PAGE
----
Is urban design consulting dead?

The role of the traditional urban design consultant is dead.  It died, not with the announcement of the Big Society and a new planning framework, but with the new economic drivers and web empowerment now familiar to us all. The old ways are no longer applicable to the people it affects—communities, politicians and businesses, let alone to the emerging planning regulations and localism laws.   As an independent adviser and designer I have for many years now been much more of an advocate, enabler and agent of groups of people—assisting others, many not previously in any allegiance together, to form partnerships and then to help them mould new ways of seeing and doing things.  This requires time, effort and flexibility.  As a sole practitioner I aim to provide this type of service in an approachable and light-touch manner, though never alone. I bring with me networks of experts and thinkers, and am always looking for more to link up with.

I like to think I have high levels of professionalism and design experience, skills that I have gained designing and enabling for those such as CABE, Creating Excellence and the London Development Agency and now use in enabling for The Prince’s Foundation and The Glass-House Community Led Design.  All this was gleaned from years as a private sector designer working with clients on challenging public and private projects.

Communities designing a landscape project together at Lifford and Strabane on the Irish border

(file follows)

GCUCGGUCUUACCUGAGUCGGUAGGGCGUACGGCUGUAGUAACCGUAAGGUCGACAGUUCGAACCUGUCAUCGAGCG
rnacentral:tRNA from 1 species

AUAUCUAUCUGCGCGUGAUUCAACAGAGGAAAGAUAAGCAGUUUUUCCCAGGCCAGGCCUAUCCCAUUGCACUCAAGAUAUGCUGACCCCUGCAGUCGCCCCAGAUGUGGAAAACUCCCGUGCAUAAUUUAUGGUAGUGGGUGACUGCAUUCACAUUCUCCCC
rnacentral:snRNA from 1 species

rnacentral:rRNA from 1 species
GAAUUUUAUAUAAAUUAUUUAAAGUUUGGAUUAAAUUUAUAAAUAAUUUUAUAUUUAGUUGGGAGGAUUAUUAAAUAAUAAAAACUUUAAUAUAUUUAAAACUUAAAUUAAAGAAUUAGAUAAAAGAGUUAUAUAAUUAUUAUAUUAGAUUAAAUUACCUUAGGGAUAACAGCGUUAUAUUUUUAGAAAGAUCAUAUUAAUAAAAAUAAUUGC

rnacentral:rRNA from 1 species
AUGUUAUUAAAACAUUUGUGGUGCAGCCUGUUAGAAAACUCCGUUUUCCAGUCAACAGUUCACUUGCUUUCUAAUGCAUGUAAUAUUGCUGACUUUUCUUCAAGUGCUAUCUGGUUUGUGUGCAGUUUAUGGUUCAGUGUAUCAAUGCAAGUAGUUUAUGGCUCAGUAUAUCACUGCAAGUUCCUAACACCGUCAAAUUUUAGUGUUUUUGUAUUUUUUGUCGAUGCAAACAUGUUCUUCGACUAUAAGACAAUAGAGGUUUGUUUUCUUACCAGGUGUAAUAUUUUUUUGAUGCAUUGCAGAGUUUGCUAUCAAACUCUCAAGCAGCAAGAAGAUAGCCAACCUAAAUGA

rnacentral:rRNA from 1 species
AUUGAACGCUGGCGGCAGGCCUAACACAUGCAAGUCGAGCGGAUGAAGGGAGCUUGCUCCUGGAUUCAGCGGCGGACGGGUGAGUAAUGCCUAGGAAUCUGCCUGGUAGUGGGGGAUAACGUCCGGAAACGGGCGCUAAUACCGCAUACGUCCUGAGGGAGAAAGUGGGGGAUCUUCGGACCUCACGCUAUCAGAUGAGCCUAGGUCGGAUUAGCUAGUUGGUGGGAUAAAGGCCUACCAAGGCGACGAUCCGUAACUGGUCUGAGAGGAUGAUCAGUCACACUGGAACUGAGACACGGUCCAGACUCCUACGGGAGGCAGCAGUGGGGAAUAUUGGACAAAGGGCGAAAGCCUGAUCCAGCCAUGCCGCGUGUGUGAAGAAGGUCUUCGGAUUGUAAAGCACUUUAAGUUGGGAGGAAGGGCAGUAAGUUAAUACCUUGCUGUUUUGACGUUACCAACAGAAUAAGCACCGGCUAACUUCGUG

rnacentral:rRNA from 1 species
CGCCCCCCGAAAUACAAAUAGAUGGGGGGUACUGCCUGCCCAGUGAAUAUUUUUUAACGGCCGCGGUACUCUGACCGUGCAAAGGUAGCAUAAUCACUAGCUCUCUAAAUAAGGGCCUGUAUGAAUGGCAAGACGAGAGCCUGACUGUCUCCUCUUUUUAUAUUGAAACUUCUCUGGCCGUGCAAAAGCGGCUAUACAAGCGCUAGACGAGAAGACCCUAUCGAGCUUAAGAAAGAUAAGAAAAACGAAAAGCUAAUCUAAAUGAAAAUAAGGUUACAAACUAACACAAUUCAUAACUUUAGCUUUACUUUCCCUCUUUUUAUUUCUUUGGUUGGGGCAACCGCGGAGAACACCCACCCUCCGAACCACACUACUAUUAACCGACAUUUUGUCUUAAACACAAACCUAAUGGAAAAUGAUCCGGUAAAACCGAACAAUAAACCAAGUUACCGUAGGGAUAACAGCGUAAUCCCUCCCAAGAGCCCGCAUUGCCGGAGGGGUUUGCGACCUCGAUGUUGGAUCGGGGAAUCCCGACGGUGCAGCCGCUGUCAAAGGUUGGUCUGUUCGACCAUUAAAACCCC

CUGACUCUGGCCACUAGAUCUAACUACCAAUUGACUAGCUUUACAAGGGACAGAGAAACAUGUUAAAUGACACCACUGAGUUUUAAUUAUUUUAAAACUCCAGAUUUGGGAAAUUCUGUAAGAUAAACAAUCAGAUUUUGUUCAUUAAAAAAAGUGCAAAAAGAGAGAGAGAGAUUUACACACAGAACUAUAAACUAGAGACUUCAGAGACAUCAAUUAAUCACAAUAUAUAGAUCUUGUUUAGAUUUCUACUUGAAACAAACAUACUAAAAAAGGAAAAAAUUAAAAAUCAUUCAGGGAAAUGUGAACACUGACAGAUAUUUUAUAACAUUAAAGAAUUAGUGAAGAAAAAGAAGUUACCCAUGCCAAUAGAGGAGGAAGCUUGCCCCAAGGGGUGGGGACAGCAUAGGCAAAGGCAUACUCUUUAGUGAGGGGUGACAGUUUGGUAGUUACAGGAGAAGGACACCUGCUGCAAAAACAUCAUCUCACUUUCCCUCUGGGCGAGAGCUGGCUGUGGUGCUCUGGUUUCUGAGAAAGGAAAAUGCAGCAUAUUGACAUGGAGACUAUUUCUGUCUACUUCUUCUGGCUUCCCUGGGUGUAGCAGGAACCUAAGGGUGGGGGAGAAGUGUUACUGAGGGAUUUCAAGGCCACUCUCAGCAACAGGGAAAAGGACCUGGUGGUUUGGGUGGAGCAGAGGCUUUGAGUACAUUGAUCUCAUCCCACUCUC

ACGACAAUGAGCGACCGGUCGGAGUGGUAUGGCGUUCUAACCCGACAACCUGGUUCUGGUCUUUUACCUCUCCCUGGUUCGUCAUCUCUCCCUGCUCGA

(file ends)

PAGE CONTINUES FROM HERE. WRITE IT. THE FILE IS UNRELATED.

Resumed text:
The designer is not a drafter of their own intuitive ideas, presented with fine montages in glossy brochures, but is a negotiator, an inquisitor, a craftsperson, an advocate and sometimes (almost) an anthropologist.  As the web is showing in so many spheres, crowds can innovate and produce – but they need both a facilitator and a structure in which to do this. As a landscape and urban designer I aim to help communities and planners to produce good design in public realm, urban form and strategy through building teams and networks, and helping shape ways and places to deliver group ideas, unpicking layers of a place and rethinking how we shape them in future.

This is a new era and we need to get used to some different, more engaging and communal ways of doing what we have always done.  Whilst collaborative design is not new, what is new to the planning world is the instant feedback of social media, the buzz of the web networks that can influence decisions quickly and enlist mass interest with a click.  The crowd is part of the process whatever happens, whether online or in the street or village hall, and the pathway has to be the urban designer as part of the crowd, shaping and designing with the community and the client together.

Maybe I should change my practice name?